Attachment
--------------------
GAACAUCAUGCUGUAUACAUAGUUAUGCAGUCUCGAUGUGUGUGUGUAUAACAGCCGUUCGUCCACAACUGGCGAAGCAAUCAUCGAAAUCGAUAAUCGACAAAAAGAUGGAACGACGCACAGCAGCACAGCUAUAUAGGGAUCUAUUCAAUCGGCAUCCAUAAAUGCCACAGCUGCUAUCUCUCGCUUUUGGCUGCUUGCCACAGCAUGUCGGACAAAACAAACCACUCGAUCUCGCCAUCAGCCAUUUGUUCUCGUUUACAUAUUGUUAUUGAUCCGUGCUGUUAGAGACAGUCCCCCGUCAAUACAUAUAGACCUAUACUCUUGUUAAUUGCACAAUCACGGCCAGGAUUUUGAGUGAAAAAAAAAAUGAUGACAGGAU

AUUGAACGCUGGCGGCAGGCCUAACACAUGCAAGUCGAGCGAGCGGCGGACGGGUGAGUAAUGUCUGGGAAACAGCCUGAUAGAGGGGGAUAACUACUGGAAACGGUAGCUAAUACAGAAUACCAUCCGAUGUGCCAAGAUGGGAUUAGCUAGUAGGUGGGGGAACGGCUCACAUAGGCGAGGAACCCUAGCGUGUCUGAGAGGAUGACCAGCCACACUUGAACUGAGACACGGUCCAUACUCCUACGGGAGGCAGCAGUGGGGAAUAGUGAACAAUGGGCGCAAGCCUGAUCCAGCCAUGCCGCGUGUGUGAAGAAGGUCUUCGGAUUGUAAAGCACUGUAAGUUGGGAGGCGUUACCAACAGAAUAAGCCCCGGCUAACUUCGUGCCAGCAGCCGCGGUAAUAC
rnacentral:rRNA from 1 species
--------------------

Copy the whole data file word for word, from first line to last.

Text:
GAACAUCAUGCUGUAUACAUAGUUAUGCAGUCUCGAUGUGUGUGUGUAUAACAGCCGUUCGUCCACAACUGGCGAAGCAAUCAUCGAAAUCGAUAAUCGACAAAAAGAUGGAACGACGCACAGCAGCACAGCUAUAUAGGGAUCUAUUCAAUCGGCAUCCAUAAAUGCCACAGCUGCUAUCUCUCGCUUUUGGCUGCUUGCCACAGCAUGUCGGACAAAACAAACCACUCGAUCUCGCCAUCAGCCAUUUGUUCUCGUUUACAUAUUGUUAUUGAUCCGUGCUGUUAGAGACAGUCCCCCGUCAAUACAUAUAGACCUAUACUCUUGUUAAUUGCACAAUCACGGCCAGGAUUUUGAGUGAAAAAAAAAAUGAUGACAGGAU

AUUGAACGCUGGCGGCAGGCCUAACACAUGCAAGUCGAGCGAGCGGCGGACGGGUGAGUAAUGUCUGGGAAACAGCCUGAUAGAGGGGGAUAACUACUGGAAACGGUAGCUAAUACAGAAUACCAUCCGAUGUGCCAAGAUGGGAUUAGCUAGUAGGUGGGGGAACGGCUCACAUAGGCGAGGAACCCUAGCGUGUCUGAGAGGAUGACCAGCCACACUUGAACUGAGACACGGUCCAUACUCCUACGGGAGGCAGCAGUGGGGAAUAGUGAACAAUGGGCGCAAGCCUGAUCCAGCCAUGCCGCGUGUGUGAAGAAGGUCUUCGGAUUGUAAAGCACUGUAAGUUGGGAGGCGUUACCAACAGAAUAAGCCCCGGCUAACUUCGUGCCAGCAGCCGCGGUAAUAC
rnacentral:rRNA from 1 species